Wetpaint's embeddable social publishing platform looks to improve search engine optimization and ad sales.
Wetpaint.com, a leading provider of white-label social networks for media companies
and others looking to make their sites more personal, has turned its social
publishing platform on its ear by letting users to embed it in their Web sites.
Launched May 19, the product comes as the company closed a $25 million
funding round from DAG Ventures and existing investors Accel Partners, Trinity
Ventures and Frazier Technology Ventures.
Wetpaint Injected was designed on the presumption that all Web sites will
eventually become socialized, which is why the company's $40 million in funding
after the latest round will come in handy.
Wetpaint will use the funds to push its vision of making every site on the
Web "socially published." The company says it believes empowering
users with the tools to create content themselves will help businesses boost
search results and online ad dollars.
Wetpaint Injected is a basic SSI (Server Side
that places a WYSIWYG editor in a Web site, allowing users to
edit and create content such as Web pages. Users can add profiles, news and
activity feeds, images, videos, and widgets. They can then edit the content,
tag keywords and manage reputations.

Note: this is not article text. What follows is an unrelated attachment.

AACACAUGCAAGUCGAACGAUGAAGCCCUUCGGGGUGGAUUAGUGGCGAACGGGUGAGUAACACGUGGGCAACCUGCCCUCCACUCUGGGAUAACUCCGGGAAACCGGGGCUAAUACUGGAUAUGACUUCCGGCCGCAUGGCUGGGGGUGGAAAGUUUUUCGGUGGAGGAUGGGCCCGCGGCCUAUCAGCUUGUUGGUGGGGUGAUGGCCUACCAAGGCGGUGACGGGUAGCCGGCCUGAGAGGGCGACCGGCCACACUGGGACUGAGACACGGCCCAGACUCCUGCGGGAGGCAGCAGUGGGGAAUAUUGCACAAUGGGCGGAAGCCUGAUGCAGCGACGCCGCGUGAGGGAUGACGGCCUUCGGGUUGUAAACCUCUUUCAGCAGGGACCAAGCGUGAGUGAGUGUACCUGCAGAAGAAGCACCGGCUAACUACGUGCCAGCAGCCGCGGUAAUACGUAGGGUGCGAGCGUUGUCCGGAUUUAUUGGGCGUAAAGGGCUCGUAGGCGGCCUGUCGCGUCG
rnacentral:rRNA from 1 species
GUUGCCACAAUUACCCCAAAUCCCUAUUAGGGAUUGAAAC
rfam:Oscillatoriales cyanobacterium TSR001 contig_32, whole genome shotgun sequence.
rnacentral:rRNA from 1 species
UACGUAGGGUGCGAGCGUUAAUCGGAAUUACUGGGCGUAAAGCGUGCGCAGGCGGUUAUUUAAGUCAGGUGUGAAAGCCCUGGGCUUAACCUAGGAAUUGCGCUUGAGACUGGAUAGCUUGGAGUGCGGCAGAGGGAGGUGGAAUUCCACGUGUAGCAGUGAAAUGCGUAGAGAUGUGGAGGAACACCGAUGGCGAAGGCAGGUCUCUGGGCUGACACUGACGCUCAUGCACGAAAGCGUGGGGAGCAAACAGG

Instead of adding content via a widget or IFrame,
negates search engine optimization by blocking search spiders, the software
tool puts the user-generated content directly in a site's HTML, allowing search
engines to properly index the content.
That gives the user of a Wetpaint consumer site or a company using Wetpaint
for its product an expanded search footprint so they can earn more search
traffic and therefore ad revenue on the long tail, Kevin Flaherty, vice
president of marketing for Wetpaint, told eWEEK.
"We make sure that the content gets credited to the publisher that is
hosting Injected," Flaherty said.
Injected is a departure from the current Web socialization paradigm. Today,
companies join Facebook or LinkedIn to make connections. Some companies in need
of more customized solutions buy blog, wiki and RSS feed tools from vendors and
implement them with their existing platforms.
Flaherty counts the company's last major upgrade, the hosted Just Add Wetpaint service,
among these white-label
solutions. "You don't get additive value across an entire site" with
this model, he said.
Accordingly, some companies wouldn't consider Wetpaint tools unless they
could embed content directly in an existing site infrastructure. Fox
Broadcasting Company, IGN Entertainment, Flixster, NuWire Investor and others
are using the new Wetpaint Injected service.
Wetpaint Injected is available now and is free for any one Web site up until
100,000 impressions. Once publishers go beyond 100,000 impressions, Wetpaint
charges on a CPM or revenue share basis. In the third quarter, Wetpaint
Injected will be available as a set of APIs.
More than 950,000 sites, from sites owned by CBS Broadcasting to mom-and-pop
sites for special interests, were created with Wetpaint, making it the largest
provider of its kind. The company said it hopes Injected will help it vault
over the 1 million site mark.
The software comes as social networking for businesses
is heating up. Forrester Research estimates that Enterprise 2.0 tools will blossom to become a $4.6 billion
market by 2013.